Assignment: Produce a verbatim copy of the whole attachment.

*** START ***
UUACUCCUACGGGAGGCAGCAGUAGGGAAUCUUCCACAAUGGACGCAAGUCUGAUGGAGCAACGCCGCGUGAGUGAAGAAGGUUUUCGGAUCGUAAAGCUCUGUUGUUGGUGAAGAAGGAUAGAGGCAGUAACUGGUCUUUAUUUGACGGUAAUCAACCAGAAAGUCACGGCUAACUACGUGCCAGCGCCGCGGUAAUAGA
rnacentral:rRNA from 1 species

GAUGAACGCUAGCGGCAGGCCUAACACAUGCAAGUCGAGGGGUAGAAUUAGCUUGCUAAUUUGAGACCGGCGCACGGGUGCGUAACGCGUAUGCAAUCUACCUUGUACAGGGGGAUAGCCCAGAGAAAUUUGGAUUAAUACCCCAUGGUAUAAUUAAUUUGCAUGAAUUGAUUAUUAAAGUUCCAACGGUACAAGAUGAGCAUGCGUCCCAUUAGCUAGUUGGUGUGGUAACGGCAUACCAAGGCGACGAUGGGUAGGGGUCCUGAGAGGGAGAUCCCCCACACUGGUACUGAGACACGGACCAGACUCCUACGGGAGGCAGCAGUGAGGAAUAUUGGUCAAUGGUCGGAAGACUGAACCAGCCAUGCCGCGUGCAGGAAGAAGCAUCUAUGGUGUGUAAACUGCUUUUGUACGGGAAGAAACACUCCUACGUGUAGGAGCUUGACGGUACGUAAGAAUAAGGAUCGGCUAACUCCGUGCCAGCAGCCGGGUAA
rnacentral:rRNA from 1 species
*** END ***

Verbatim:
UUACUCCUACGGGAGGCAGCAGUAGGGAAUCUUCCACAAUGGACGCAAGUCUGAUGGAGCAACGCCGCGUGAGUGAAGAAGGUUUUCGGAUCGUAAAGCUCUGUUGUUGGUGAAGAAGGAUAGAGGCAGUAACUGGUCUUUAUUUGACGGUAAUCAACCAGAAAGUCACGGCUAACUACGUGCCAGCGCCGCGGUAAUAGA
rnacentral:rRNA from 1 species

GAUGAACGCUAGCGGCAGGCCUAACACAUGCAAGUCGAGGGGUAGAAUUAGCUUGCUAAUUUGAGACCGGCGCACGGGUGCGUAACGCGUAUGCAAUCUACCUUGUACAGGGGGAUAGCCCAGAGAAAUUUGGAUUAAUACCCCAUGGUAUAAUUAAUUUGCAUGAAUUGAUUAUUAAAGUUCCAACGGUACAAGAUGAGCAUGCGUCCCAUUAGCUAGUUGGUGUGGUAACGGCAUACCAAGGCGACGAUGGGUAGGGGUCCUGAGAGGGAGAUCCCCCACACUGGUACUGAGACACGGACCAGACUCCUACGGGAGGCAGCAGUGAGGAAUAUUGGUCAAUGGUCGGAAGACUGAACCAGCCAUGCCGCGUGCAGGAAGAAGCAUCUAUGGUGUGUAAACUGCUUUUGUACGGGAAGAAACACUCCUACGUGUAGGAGCUUGACGGUACGUAAGAAUAAGGAUCGGCUAACUCCGUGCCAGCAGCCGGGUAA
rnacentral:rRNA from 1 species